I was in Florence for a quick 4 day trip last week with the kid sister. Florence and the Tuscan countryside were indeed interesting, historical and picturesque, and we had a great time catching up and sightseeing. Without the constant surveillance of my husband, we also ended up consuming at least 2 scoops of gelato a day, not surprising given my appetite and the sister’s reputation for having the family’s sweetest tooth. Unfortunately, we squandered some of our meals, as arriving on a Sunday meant that many of the restaurants I had earmarked to visit were closed either on Sunday or Monday. Still, we managed to check most of the local specialities off our list and even enjoyed two excellent meals amidst a bunch of poor-middling ones at places catered to the thousands of tourists in Florence.
Florence is meat and potatoes land, with fish an afterthought. The region’s most famous snack foods, tripe and lampredotto (the cow’s 4th stomach) sandwiches sold at roadside trucks, reflect that meat loving ethos. The sandwiches are simply buns stuffed with your stewed organ meat of choice (chopped, seasoned with salt, pepper and green sauce, then dipped into the savory cooking liquid). Quite delicious for us organ meat lovers, though the meat was too chopped up for us to discern the differences in texture between the tripe and lampredotto. We got ours at Da’ Vinattieri, a literal hole-in-the-wall tucked under a medieval walkway out of sight from pedestrians traversing the crowded Piazza Signoria. There is a dining room the size of a shoebox, but we ordered through the takeout counter and devoured our organ meat sandwiches sitting on stools laid out along the covered sidewalk.
As mentioned, I had more gelato than was healthy, the most memorable cup from the world famous Grom. It was not merely for the flavors or the texture, though admittedly the pistachio was best in show, full of the smoky nut flavor, but also for the distance travelled to get there. We had walked at least 3 km in intermittent rain to find Grom, hidden in a little side street near the Duomo, getting lost and eating a consolation gelato (from Carabé, more famous for Sicilian style granitas than their icy gelato, if only we knew!) on the way. By the time we reached Grom, we were unfortunately too tired and frustrated to fully appreciate the ultra-creamy texture or fall in rapture, like some American ladies whom we noticed on the street, literally swooning at each bite.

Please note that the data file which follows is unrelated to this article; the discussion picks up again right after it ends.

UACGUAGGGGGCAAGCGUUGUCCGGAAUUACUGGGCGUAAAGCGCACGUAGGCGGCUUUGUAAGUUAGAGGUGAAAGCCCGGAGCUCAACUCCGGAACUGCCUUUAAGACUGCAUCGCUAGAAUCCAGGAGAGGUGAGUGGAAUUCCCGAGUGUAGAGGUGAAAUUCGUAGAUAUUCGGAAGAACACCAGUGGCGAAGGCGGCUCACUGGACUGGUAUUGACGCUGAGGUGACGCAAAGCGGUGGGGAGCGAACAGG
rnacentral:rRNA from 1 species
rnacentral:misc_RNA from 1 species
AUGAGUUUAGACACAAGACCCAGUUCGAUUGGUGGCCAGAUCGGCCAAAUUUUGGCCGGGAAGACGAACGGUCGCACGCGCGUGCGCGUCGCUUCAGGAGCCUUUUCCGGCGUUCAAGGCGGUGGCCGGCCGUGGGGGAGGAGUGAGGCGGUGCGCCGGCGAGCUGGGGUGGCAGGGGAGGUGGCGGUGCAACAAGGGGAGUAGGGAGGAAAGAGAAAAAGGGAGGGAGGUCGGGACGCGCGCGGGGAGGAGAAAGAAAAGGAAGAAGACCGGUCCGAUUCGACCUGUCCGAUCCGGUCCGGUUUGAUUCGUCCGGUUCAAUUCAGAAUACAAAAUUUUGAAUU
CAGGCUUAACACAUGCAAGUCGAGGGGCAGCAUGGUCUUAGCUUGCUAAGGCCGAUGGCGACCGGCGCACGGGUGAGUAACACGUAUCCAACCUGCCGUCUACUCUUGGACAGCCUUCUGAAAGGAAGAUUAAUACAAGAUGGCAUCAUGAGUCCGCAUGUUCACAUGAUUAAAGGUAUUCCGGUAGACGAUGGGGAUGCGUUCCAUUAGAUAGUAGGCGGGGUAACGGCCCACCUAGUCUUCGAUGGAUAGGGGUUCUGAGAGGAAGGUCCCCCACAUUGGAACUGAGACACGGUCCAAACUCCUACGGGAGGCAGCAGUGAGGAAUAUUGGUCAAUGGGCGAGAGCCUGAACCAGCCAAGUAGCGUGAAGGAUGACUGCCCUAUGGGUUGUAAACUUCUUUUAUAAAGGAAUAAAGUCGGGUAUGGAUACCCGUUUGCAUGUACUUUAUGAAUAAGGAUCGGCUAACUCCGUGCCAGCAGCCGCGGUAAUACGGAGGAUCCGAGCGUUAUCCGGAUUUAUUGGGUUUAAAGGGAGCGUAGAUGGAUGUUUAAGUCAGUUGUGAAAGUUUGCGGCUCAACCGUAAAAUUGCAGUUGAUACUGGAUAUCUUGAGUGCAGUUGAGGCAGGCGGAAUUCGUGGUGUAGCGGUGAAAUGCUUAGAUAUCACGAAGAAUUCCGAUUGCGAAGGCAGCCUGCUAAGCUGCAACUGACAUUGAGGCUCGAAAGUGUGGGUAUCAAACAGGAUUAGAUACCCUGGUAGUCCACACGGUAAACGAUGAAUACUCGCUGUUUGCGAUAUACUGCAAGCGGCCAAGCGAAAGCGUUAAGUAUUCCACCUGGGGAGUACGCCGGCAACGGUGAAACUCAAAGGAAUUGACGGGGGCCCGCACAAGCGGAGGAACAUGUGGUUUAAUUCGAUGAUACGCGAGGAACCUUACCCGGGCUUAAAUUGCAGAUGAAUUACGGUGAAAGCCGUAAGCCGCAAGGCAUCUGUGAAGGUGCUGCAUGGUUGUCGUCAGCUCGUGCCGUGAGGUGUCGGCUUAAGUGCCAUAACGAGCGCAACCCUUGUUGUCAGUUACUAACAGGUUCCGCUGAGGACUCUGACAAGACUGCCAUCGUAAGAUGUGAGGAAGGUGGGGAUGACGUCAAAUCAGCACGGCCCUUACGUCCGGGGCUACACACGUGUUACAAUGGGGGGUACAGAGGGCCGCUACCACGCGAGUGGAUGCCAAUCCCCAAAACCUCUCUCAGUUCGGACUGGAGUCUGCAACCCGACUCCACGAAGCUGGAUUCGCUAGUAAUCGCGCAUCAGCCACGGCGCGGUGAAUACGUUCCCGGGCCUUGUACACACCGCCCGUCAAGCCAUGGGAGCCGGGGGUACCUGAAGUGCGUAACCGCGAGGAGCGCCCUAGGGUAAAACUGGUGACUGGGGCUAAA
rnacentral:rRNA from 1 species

Just as our trip to Grom showed how even best laid plans can be derailed by bad weather, tempers and poor map reading skills, our nightcap at Corona’s Cafe illustrated the rewards of just going with the flow. Looking very much like a tourist trap with an enviable address just off bustling shopping streets, we had the best non-gelato dessert during our stay, a light torta di nonna, that despite laying in a counter for the entire day, tasted fresh and delicate, the base still buttery and flaky, and lemon flavored vanilla cream filling oozing slowly out of the cake as we pressed our forks gently against the bulging middle. Chased down with strong espresso and some limoncello, it assuaged our disappointment at not being able to buy tickets for the opera. The gelato is supposedly fabulous too.
As for real food (a girl cannot live on refined sugar alone), we absolutely loved Trattoria Mario. Located just beside the central market, it looked like yet another tourist trap with a cheesy looking exterior and entrance plastered with lots of guidebook mentions. But once inside (not a minute after noon, we were 3rd at 11:55 and by 12:05 every seat was taken with strangers sharing tables), it transports you to a real Italian canteen, where you can peek at the cooks stirring pasta, dressing the soups with olive oil, chopping the perfectly roasted suckling pig (my sis’s order coming with one hairy pig’s ear).